Vna gutta extracta ab occulo hominis pro peccatis suis ex intimo corde distinguit totum ignem infermii

Jen thoor vd drage(n) aff me(n)iske(n)s øgæ for sin synd aff eth gudelicht hyærtthæ hu(n) vd slucker all helwedes Jld

“A single tear drawn from a man’s eye for his sin separates his innermost heart from all the fires of infermity.” (Quote attributed to St. Augustine in AM 782 4to f. 137r)

Added text at end

At the end of the manuscript, the scribe has added two quotations from influential Christian figures. The first is attributed to the church father St. Augustine of Hippo (354-430), while the second is attributed to the twelfth-century reformer of the Cistercian monastic order, St. Bernard of Clairvaux (1090-1153).

Both quotations are given in Latin followed by a translation into Danish with clear dialect features from Jutland due to the origin of the scribe.

Jens Nielsen of Aalborg

Borchling (1900) considers AM 372 fol. to have been written by three hands, the final of which begins on f. 48r in the second column, thus in the middle of the book of Exodus. This final scribe identifies himself in a colophon at the end of the text (f. 137v). 

Two manuscript pages
A colophon at the end of the text identifies the scribe. On the following recto, two quotations are found. (AM 372 fol., 137v-138r. Photo: Suzanne Reitz)
Hir hefft dit bok ene(n) ende got mote vns sine(n) vrede senden Amen
Benedicamus d(o)m(in)o Deo g(ra)cias
Anno d(o)m(ini) M CD LXXX II° sexta feria p(ost) festu(m) Sancti Mathei Ap(osto)li
Hic explicit liber iste sub manu Joha(n)nis Nicolai filius Alburge(n)sis.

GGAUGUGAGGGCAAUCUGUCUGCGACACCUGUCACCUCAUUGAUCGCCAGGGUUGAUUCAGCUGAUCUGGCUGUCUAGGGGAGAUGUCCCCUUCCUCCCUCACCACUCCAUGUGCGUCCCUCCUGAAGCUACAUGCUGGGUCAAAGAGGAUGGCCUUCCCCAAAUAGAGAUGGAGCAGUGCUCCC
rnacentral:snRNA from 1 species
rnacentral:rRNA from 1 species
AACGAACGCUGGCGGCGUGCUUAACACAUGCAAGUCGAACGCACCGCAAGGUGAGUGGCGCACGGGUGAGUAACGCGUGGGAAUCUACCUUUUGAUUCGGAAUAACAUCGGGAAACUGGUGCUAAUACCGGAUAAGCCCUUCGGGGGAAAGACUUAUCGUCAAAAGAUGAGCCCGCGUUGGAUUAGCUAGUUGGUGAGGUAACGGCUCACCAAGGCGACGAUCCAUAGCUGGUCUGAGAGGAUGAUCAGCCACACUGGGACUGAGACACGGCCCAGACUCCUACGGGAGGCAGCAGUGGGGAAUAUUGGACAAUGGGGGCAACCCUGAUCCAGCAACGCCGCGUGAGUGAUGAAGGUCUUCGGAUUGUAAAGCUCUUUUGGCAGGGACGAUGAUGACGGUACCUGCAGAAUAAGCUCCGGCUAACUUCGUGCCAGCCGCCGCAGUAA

Orate pro eo ad do(mi)n(u)m Ihesu(m) Chr(istu)m cu(m) vno Pater Noster & Ave Maria.
(AM 372 fol., 137vb)

According to the colophon, the manuscript was completed on Friday, 27 September 1482 by Johannes Nicolai filius Alburgensis or Jens Nielsen of Aalborg, a scribe known in other manuscripts from the end of the fifteenth century. Lauritz Nielsen (1937: 128-129) refers to Jens Nielsen as a “flittig Skriver” (‘diligent scribe’) with a focus on lawbooks. Five copies of the Provincial Law of Jutland (Jyske lov) are known in his hand, two of which are found in the Arnamagnæan Collection (AM 9 8vo and AM 10 8vo), both dated to 1490. Three parchment manuscripts with the Provincial Law of Scania (Skånske Lov) in Jens Nielsen’s hand are also known.

It is possible Jens Nielsen was able to write in Middle Low German because he had studied in northern Germany, as many Danes had done in the late Middle Ages. Wolf (1997: 90) points to a certain Johannes Nicolai Bardagelensis, who immatriculated in Greifswald in 1473, as a possible candidate for our Jens Nielsen. The place-name Bardagelensis likely refers to Børglum Diocese, the northernmost Danish diocese in the Middle Ages, which also included Aalborg. Wolf’s theory (pp 174-5) is that this manuscript is one of the first produced by Jens Nielsen, while he was still studying in Greifswald, where he would have had access to an exemplar in Low German.

Four manuscripts
The Arnamagnæan Collection contains a total of four manuscripts written by Jens Nielsen from Aalborg. (Photo: Suzanne Reitz)